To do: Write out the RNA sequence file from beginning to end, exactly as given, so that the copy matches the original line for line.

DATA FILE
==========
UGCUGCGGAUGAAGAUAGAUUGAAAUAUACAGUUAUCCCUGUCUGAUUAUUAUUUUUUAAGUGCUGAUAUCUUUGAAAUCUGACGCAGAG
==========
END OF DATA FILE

UGCUGCGGAUGAAGAUAGAUUGAAAUAUACAGUUAUCCCUGUCUGAUUAUUAUUUUUUAAGUGCUGAUAUCUUUGAAAUCUGACGCAGAG